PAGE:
Presentation on theme: "Looking at Special Dietary Needs Through Different Eyes Loriann Knapton, DTR, SNS, Nutrition Program Consultant November 4, 2008."— Presentation transcript:
Looking at Special Dietary Needs Through Different Eyes Loriann Knapton, DTR, SNS, Nutrition Program Consultant November 4, 2008
Learning about the nature and severity of the childs special dietary needs and working together to provide whats best for the child should be the major focus.
Children with a Disability Schools must make substitutions of foods in the reimbursable meal for students who have a disability that restricts their diet.
What are Disabilities? Disability is defined in : Section 504 of the Rehabilitation Act of 1973 Americans with Disabilities Act of 1990 Part B of the Individuals with Disabilities Education Act (IDEA) Individual Education Plan (IEP) Explanation of these disabilities found on pages 3-5 of the USDA guidance Accommodating Children with Special Dietary Needs in the School Nutrition Programs Website link to USDA guidance:
Food Related Disabilities Some that require menu modifications: Severe Food Allergies (Food Anaphylaxis) Metabolic Diseases such as Diabetes, Celiac Disease (Gluten-free Diet) and Phenylketonuria (PKU) Prescribed diet for child with autism (one of the thirteen disability categories recognized in the Individuals with Disabilities Act)
Disability Accommodation MUST be made, based on a completed physicians statement No extra charge A disability determination can only be made by a licensed physician
Statement for Children with Disabilities What must the physicians statement include? What the disability is How it restricts diet Major life activity affected Foods to be omitted Foods to be substituted Physicians Form (for documentation) ict.doc
Under no circumstances are school food service staff to revise or change a diet prescription or medical order.
Documentation The diet orders do not need to be renewed on a yearly basis; however, schools are encouraged to ensure that the diet orders reflect the current dietary needs of the child.
Medical Requests for Children with Special Dietary Needs (not considered a disability) The school food service may make food substitutions, at their discretion, for individual children who do not have a disability, but who are medically certified as having a special medical or dietary need. Examples include: Lactose intolerance Food intolerances or allergies where there is not the concern of a life-threatening reaction
Not to be confused with…. Fluid Milk Substitutions in the School Nutrition Programs (Final Rule published September 12, 2008) Current requirements on meal variations for students with disabilities and for students with medical or other special dietary needs remain unchanged. Offering fluid milk substitutes to students under this ruling is totally at the School Food Authoritys (SFAs) discretion. Nondairy beverages offered as fluid milk substitute be nutritionally equivalent to fluid milk and provide specific levels of calcium, protein, vitamins A and D, magnesium, phosphorus, potassium, riboflavin and vitamin B-12. Website: fns.dpi.wi.gov/fns_regsfns.dpi.wi.gov/fns_regs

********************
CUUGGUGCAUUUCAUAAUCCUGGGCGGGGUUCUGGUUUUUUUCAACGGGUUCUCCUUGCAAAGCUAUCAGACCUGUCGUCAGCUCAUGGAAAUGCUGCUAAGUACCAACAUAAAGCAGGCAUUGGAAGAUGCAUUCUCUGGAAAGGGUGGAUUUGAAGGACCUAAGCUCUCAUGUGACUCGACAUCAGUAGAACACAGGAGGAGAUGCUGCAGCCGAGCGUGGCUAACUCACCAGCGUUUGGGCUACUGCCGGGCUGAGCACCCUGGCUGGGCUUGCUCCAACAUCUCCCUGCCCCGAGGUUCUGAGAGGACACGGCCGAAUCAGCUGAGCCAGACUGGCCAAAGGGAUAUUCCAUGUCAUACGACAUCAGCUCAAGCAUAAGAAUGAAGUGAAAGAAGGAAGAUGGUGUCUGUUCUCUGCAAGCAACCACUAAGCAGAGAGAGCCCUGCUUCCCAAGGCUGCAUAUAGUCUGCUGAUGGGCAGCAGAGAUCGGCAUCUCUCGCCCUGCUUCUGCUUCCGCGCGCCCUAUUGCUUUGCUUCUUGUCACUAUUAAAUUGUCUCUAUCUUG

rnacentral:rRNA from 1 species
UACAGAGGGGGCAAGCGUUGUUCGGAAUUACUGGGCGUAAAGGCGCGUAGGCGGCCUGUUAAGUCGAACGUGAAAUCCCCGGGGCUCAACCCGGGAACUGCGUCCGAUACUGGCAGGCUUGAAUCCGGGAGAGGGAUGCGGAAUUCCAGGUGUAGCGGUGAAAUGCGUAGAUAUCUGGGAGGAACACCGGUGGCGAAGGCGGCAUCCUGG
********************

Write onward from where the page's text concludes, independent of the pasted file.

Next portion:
Goals of the Child Nutrition Program for Students with Special Dietary Needs Meet the nutritional needs, as specified by the United States Department of Agriculture (USDA) meal pattern requirements and the childs personalized diet plan. Prepare the food items exactly as the diet order specifies, including texture and consistency of the item. If the diet plan is unclear, contact the medical authority involved in prescribing the diet plan for further clarification. Ensure food safety.
Goals of the Child Nutrition Program for Students with Special Dietary Needs (continued) Be knowledgeable of the policies and procedures in place for the district/site as they pertain to children with identified special dietary needs and the role of food service personnel in the case of a medical emergency. Give appropriate feedback to the multidisciplinary team whenever applicable.
Celiac Disease Celiac Disease: An autoimmune disorder in which the body attacks itself. Permanent sensitivity to gluten, a protein found in wheat, rye, & barley Eating food containing gluten damages the villi (lining of the small intestine), which results in mal-absorption of nutrients Gluten Free diet for life is only treatment